Organizing my charitable giving documents for my annual income taxes itemized deductions makes me think of the exquisitely talented British actor Richard Armitage. Uh I mean …his accountant character Harry Kennedy (original images below via RANet)–from RA’s guest starring role on the two episode Vicar Of Dibley Christmas Special (2006). Sighhh!
Then it occurred to me that where and to what I give/donate probably says a lot about what I value. So, the following is a quick listing of my charitable giving areas, and then my more extensive reflections about them. Sorry, I’m a wordy girl– but if you visit here often, you know that. Ha!
My Charitable donations:
1) Recurring or Monthly donations–these mostly occur via monthly payroll deductions, an easy way to do it; and if you have an employer that matches your gift, the charity receives double the donation, so be sure to look into that;
a) To our church–We aren’t able to tithe 10% of our income as the church recommends. Who can? But we also give of our time and our talents. So, that helps, too.
b) To our university–to support student scholarships, special student projects, women’s and gender studies, etc.
c) To our community–The local United Way campaign allows us to designate charities whom we want our donations to go to. Some of mine are: the American Red Cross (image right; funds and I donate blood regularly), the Girl Scouts, UNICEF, our local Boys & Girls Club, American Cancer Society, United Negro College Fund, a local children’s aid residential and special needs educational institution, and the YWCA, etc.
2) Miscellaneous Giving–And we also make special donations to charitable organizations throughout the year:
a) as memorials to friends and relatives who have died–American Cancer Society, Alzheimers Foundation, Heart Disease, etc.;
b) or more happily to scholarship funds in honor of friends who have retired from the university;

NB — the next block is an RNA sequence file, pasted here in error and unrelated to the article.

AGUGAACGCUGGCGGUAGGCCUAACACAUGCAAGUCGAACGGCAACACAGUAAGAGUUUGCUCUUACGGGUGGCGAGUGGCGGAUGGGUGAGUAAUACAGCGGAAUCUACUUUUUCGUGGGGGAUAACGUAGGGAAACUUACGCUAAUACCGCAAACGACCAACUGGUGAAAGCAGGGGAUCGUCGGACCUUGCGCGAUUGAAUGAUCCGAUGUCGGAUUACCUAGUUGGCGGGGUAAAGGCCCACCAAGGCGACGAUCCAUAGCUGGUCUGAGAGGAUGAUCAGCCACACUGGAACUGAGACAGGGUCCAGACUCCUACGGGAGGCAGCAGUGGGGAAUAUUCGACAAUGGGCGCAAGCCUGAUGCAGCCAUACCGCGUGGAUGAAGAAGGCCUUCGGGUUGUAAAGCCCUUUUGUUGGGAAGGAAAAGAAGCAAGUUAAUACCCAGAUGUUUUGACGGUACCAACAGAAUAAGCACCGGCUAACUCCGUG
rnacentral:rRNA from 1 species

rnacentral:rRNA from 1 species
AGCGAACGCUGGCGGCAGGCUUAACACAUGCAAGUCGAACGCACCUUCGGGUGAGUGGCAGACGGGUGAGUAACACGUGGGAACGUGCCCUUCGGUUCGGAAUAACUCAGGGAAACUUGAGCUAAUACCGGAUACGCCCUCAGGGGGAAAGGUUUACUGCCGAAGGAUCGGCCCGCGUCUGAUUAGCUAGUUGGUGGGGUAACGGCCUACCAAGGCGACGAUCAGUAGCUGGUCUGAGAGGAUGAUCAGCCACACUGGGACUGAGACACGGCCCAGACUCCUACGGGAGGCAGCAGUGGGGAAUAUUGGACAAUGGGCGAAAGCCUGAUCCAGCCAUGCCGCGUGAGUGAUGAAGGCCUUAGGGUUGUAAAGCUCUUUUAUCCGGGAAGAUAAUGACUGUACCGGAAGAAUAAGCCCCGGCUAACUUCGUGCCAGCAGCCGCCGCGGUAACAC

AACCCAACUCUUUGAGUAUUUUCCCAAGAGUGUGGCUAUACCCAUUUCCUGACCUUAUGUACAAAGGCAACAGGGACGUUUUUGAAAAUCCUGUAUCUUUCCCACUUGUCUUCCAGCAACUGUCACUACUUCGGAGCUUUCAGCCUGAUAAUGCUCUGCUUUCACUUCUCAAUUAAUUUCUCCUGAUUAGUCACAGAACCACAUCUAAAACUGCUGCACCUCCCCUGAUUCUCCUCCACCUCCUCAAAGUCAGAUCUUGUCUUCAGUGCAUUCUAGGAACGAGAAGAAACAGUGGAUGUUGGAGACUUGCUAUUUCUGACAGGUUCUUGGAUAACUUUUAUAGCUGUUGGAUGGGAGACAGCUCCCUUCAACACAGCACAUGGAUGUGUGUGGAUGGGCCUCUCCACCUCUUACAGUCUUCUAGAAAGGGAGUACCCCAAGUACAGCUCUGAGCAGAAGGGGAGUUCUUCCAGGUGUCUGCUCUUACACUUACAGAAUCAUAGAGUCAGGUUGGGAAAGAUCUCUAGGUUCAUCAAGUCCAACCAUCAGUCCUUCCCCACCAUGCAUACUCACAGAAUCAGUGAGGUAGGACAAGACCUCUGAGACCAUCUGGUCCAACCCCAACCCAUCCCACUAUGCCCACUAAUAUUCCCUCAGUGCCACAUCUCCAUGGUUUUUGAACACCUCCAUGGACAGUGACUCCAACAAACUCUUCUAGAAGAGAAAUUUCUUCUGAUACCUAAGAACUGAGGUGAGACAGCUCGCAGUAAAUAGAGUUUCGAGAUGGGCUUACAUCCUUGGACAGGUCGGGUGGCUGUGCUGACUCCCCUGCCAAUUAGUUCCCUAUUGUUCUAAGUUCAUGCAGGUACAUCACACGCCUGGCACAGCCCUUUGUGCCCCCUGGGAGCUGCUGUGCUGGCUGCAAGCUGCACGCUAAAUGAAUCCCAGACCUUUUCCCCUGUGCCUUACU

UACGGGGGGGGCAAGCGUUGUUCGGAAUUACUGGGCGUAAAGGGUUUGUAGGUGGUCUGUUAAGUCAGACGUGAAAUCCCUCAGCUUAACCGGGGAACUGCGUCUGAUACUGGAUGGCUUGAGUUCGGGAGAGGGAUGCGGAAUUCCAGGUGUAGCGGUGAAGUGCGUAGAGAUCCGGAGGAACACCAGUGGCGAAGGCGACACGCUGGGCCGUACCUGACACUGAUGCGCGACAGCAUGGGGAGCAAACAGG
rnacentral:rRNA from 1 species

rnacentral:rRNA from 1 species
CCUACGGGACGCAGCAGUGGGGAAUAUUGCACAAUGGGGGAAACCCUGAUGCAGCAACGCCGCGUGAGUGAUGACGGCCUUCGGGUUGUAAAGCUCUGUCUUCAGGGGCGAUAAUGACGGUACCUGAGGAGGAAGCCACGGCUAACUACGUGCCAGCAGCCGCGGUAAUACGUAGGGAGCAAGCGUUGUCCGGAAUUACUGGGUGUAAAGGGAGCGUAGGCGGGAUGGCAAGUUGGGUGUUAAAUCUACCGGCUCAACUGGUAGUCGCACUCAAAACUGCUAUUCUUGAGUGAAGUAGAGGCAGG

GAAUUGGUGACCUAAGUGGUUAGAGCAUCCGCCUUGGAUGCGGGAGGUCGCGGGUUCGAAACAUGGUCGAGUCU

c) to support friends’ charitable giving campaigns for other organizations–such as Miss Kitty’s Ichthyosis Awareness campaign featured in a guest blog post here;
d) to support RA Fans Spread the Love and other giving campaigns (upper right);
e) to support various British actor Richard Armitage Just Giving and RA Fan charitable giving campaigns (lower right);
f) and to support various grocery story food bank campaigns, Salvation Army, etc., and other charitable giving opportunities throughout the year
Overview Reflections about My Giving
So in reflection, what do I think that above giving/donating list say about what I value? I realized that I tend to give to organizations that help people with daily living needs, their education needs, their health needs. People need to have a roof over their head, warmth/cooling, food, clothing, health, and safety before they can even begin to consider other things–such as education. And I give heavily to those types of fundamental needs based charities. I give to established organizations–with low administrative overhead costs, I might add–organizations that have the expertise to help large numbers of people.
And no amount of giving is too small. Though my level of monetary giving is spread across several organizations at the university–and is therefore modest for any one organization, when gathered together with other people’s giving, it adds up. So every person’s donation makes a difference. And over time, my donations to university scholarship and other university funds have totaled to the equivalent of purchasing a mid-sized car. That startles even me! So modest giving plus lots of time can equal significant contributions.
The Fundamentals of Why I give
And during the course of my life and career the past thirty years, I have worked with annual university programs focusing on helping marginalized and at risk students–which I am broadly/generally defining for this brief essay as those students who are living at or below poverty line, living in or around dysfunctional family environments, etc. Schools can sometimes become compartmentalized as to who handles what facet of a student’s school life–including what happens with that student outside of school hours. And that compartmentalization can contribute to teachers focusing upon their subject discipline and getting the information across to the students in the short term to try to boost test scores–rather than thinking of the overall benefit and need of the students in the short and the long term.